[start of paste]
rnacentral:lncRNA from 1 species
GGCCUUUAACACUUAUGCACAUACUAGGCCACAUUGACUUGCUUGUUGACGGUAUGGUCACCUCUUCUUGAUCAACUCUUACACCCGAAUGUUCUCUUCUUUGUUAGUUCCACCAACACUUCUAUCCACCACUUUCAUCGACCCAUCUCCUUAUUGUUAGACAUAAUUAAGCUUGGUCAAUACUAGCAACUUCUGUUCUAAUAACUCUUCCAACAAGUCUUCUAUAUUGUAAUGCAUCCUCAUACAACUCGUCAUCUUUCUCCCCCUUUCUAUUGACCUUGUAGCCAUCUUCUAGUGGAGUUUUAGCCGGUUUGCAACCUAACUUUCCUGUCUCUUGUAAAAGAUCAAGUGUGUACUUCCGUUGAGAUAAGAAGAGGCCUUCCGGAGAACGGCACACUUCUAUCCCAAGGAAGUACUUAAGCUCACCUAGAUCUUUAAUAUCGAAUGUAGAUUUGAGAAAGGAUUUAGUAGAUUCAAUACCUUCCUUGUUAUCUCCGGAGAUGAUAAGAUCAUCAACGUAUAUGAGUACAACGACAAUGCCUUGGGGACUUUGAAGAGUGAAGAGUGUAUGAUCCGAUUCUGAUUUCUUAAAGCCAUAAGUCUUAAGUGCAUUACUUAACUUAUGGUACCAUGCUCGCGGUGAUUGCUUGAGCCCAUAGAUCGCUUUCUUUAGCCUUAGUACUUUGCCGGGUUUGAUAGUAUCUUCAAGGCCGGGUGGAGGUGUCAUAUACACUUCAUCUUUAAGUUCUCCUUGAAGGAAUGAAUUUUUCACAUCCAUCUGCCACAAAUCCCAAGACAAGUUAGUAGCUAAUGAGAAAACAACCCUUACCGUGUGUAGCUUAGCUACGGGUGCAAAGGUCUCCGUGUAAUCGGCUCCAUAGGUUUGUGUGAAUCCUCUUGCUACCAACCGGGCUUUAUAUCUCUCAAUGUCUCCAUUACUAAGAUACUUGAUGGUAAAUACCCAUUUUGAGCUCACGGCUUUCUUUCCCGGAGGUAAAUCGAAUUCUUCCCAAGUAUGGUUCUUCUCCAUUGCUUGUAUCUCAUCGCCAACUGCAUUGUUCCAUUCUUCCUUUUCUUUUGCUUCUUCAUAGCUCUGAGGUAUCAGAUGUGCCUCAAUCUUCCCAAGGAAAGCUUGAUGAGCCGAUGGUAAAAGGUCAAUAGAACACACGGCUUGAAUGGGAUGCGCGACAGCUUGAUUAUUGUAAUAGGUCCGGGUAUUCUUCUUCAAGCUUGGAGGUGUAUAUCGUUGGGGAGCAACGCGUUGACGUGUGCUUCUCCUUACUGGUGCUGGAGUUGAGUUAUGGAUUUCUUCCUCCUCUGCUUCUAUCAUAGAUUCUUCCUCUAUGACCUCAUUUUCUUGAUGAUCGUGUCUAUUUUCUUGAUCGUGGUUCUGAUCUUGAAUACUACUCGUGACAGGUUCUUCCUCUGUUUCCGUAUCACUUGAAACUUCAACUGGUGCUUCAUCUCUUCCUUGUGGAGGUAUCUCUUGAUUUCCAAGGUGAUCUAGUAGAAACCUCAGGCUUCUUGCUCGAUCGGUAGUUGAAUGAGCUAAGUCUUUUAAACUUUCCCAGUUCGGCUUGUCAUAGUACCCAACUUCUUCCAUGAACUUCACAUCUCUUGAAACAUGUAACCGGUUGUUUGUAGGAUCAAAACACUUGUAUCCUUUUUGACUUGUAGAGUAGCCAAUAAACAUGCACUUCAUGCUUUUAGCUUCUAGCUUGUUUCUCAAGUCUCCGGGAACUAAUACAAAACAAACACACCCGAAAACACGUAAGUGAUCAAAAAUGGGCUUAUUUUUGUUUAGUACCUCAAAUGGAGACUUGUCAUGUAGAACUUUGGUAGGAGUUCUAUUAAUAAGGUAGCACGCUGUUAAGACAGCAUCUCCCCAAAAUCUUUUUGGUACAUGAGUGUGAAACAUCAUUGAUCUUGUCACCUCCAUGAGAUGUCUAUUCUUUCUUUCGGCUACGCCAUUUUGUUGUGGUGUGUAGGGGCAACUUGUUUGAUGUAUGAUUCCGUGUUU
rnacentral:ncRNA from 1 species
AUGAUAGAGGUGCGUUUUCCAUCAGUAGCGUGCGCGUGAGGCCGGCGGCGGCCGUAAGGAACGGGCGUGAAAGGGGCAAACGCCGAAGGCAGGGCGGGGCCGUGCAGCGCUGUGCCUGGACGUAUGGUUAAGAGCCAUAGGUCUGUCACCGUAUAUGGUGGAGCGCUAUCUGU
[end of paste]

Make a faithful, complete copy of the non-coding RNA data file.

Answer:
rnacentral:lncRNA from 1 species
GGCCUUUAACACUUAUGCACAUACUAGGCCACAUUGACUUGCUUGUUGACGGUAUGGUCACCUCUUCUUGAUCAACUCUUACACCCGAAUGUUCUCUUCUUUGUUAGUUCCACCAACACUUCUAUCCACCACUUUCAUCGACCCAUCUCCUUAUUGUUAGACAUAAUUAAGCUUGGUCAAUACUAGCAACUUCUGUUCUAAUAACUCUUCCAACAAGUCUUCUAUAUUGUAAUGCAUCCUCAUACAACUCGUCAUCUUUCUCCCCCUUUCUAUUGACCUUGUAGCCAUCUUCUAGUGGAGUUUUAGCCGGUUUGCAACCUAACUUUCCUGUCUCUUGUAAAAGAUCAAGUGUGUACUUCCGUUGAGAUAAGAAGAGGCCUUCCGGAGAACGGCACACUUCUAUCCCAAGGAAGUACUUAAGCUCACCUAGAUCUUUAAUAUCGAAUGUAGAUUUGAGAAAGGAUUUAGUAGAUUCAAUACCUUCCUUGUUAUCUCCGGAGAUGAUAAGAUCAUCAACGUAUAUGAGUACAACGACAAUGCCUUGGGGACUUUGAAGAGUGAAGAGUGUAUGAUCCGAUUCUGAUUUCUUAAAGCCAUAAGUCUUAAGUGCAUUACUUAACUUAUGGUACCAUGCUCGCGGUGAUUGCUUGAGCCCAUAGAUCGCUUUCUUUAGCCUUAGUACUUUGCCGGGUUUGAUAGUAUCUUCAAGGCCGGGUGGAGGUGUCAUAUACACUUCAUCUUUAAGUUCUCCUUGAAGGAAUGAAUUUUUCACAUCCAUCUGCCACAAAUCCCAAGACAAGUUAGUAGCUAAUGAGAAAACAACCCUUACCGUGUGUAGCUUAGCUACGGGUGCAAAGGUCUCCGUGUAAUCGGCUCCAUAGGUUUGUGUGAAUCCUCUUGCUACCAACCGGGCUUUAUAUCUCUCAAUGUCUCCAUUACUAAGAUACUUGAUGGUAAAUACCCAUUUUGAGCUCACGGCUUUCUUUCCCGGAGGUAAAUCGAAUUCUUCCCAAGUAUGGUUCUUCUCCAUUGCUUGUAUCUCAUCGCCAACUGCAUUGUUCCAUUCUUCCUUUUCUUUUGCUUCUUCAUAGCUCUGAGGUAUCAGAUGUGCCUCAAUCUUCCCAAGGAAAGCUUGAUGAGCCGAUGGUAAAAGGUCAAUAGAACACACGGCUUGAAUGGGAUGCGCGACAGCUUGAUUAUUGUAAUAGGUCCGGGUAUUCUUCUUCAAGCUUGGAGGUGUAUAUCGUUGGGGAGCAACGCGUUGACGUGUGCUUCUCCUUACUGGUGCUGGAGUUGAGUUAUGGAUUUCUUCCUCCUCUGCUUCUAUCAUAGAUUCUUCCUCUAUGACCUCAUUUUCUUGAUGAUCGUGUCUAUUUUCUUGAUCGUGGUUCUGAUCUUGAAUACUACUCGUGACAGGUUCUUCCUCUGUUUCCGUAUCACUUGAAACUUCAACUGGUGCUUCAUCUCUUCCUUGUGGAGGUAUCUCUUGAUUUCCAAGGUGAUCUAGUAGAAACCUCAGGCUUCUUGCUCGAUCGGUAGUUGAAUGAGCUAAGUCUUUUAAACUUUCCCAGUUCGGCUUGUCAUAGUACCCAACUUCUUCCAUGAACUUCACAUCUCUUGAAACAUGUAACCGGUUGUUUGUAGGAUCAAAACACUUGUAUCCUUUUUGACUUGUAGAGUAGCCAAUAAACAUGCACUUCAUGCUUUUAGCUUCUAGCUUGUUUCUCAAGUCUCCGGGAACUAAUACAAAACAAACACACCCGAAAACACGUAAGUGAUCAAAAAUGGGCUUAUUUUUGUUUAGUACCUCAAAUGGAGACUUGUCAUGUAGAACUUUGGUAGGAGUUCUAUUAAUAAGGUAGCACGCUGUUAAGACAGCAUCUCCCCAAAAUCUUUUUGGUACAUGAGUGUGAAACAUCAUUGAUCUUGUCACCUCCAUGAGAUGUCUAUUCUUUCUUUCGGCUACGCCAUUUUGUUGUGGUGUGUAGGGGCAACUUGUUUGAUGUAUGAUUCCGUGUUU
rnacentral:ncRNA from 1 species
AUGAUAGAGGUGCGUUUUCCAUCAGUAGCGUGCGCGUGAGGCCGGCGGCGGCCGUAAGGAACGGGCGUGAAAGGGGCAAACGCCGAAGGCAGGGCGGGGCCGUGCAGCGCUGUGCCUGGACGUAUGGUUAAGAGCCAUAGGUCUGUCACCGUAUAUGGUGGAGCGCUAUCUGU